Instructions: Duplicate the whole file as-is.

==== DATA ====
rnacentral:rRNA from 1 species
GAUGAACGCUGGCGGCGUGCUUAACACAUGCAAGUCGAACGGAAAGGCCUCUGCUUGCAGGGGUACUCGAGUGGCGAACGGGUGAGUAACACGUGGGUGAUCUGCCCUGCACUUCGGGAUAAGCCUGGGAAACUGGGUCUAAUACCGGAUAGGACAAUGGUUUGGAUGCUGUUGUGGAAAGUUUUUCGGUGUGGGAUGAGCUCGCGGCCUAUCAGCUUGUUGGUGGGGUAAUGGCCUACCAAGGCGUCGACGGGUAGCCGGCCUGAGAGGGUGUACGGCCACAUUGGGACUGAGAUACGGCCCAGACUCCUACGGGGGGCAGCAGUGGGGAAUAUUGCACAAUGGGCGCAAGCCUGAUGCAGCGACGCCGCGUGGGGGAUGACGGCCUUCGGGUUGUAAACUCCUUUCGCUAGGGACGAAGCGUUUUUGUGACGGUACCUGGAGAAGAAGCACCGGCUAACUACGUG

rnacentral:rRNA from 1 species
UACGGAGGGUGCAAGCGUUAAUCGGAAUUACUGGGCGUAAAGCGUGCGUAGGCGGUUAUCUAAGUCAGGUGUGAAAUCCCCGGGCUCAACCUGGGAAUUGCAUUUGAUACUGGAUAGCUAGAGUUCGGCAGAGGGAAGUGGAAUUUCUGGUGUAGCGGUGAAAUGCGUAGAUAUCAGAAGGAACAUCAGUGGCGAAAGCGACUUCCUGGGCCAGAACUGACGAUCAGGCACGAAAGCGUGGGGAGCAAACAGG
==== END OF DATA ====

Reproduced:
rnacentral:rRNA from 1 species
GAUGAACGCUGGCGGCGUGCUUAACACAUGCAAGUCGAACGGAAAGGCCUCUGCUUGCAGGGGUACUCGAGUGGCGAACGGGUGAGUAACACGUGGGUGAUCUGCCCUGCACUUCGGGAUAAGCCUGGGAAACUGGGUCUAAUACCGGAUAGGACAAUGGUUUGGAUGCUGUUGUGGAAAGUUUUUCGGUGUGGGAUGAGCUCGCGGCCUAUCAGCUUGUUGGUGGGGUAAUGGCCUACCAAGGCGUCGACGGGUAGCCGGCCUGAGAGGGUGUACGGCCACAUUGGGACUGAGAUACGGCCCAGACUCCUACGGGGGGCAGCAGUGGGGAAUAUUGCACAAUGGGCGCAAGCCUGAUGCAGCGACGCCGCGUGGGGGAUGACGGCCUUCGGGUUGUAAACUCCUUUCGCUAGGGACGAAGCGUUUUUGUGACGGUACCUGGAGAAGAAGCACCGGCUAACUACGUG

rnacentral:rRNA from 1 species
UACGGAGGGUGCAAGCGUUAAUCGGAAUUACUGGGCGUAAAGCGUGCGUAGGCGGUUAUCUAAGUCAGGUGUGAAAUCCCCGGGCUCAACCUGGGAAUUGCAUUUGAUACUGGAUAGCUAGAGUUCGGCAGAGGGAAGUGGAAUUUCUGGUGUAGCGGUGAAAUGCGUAGAUAUCAGAAGGAACAUCAGUGGCGAAAGCGACUUCCUGGGCCAGAACUGACGAUCAGGCACGAAAGCGUGGGGAGCAAACAGG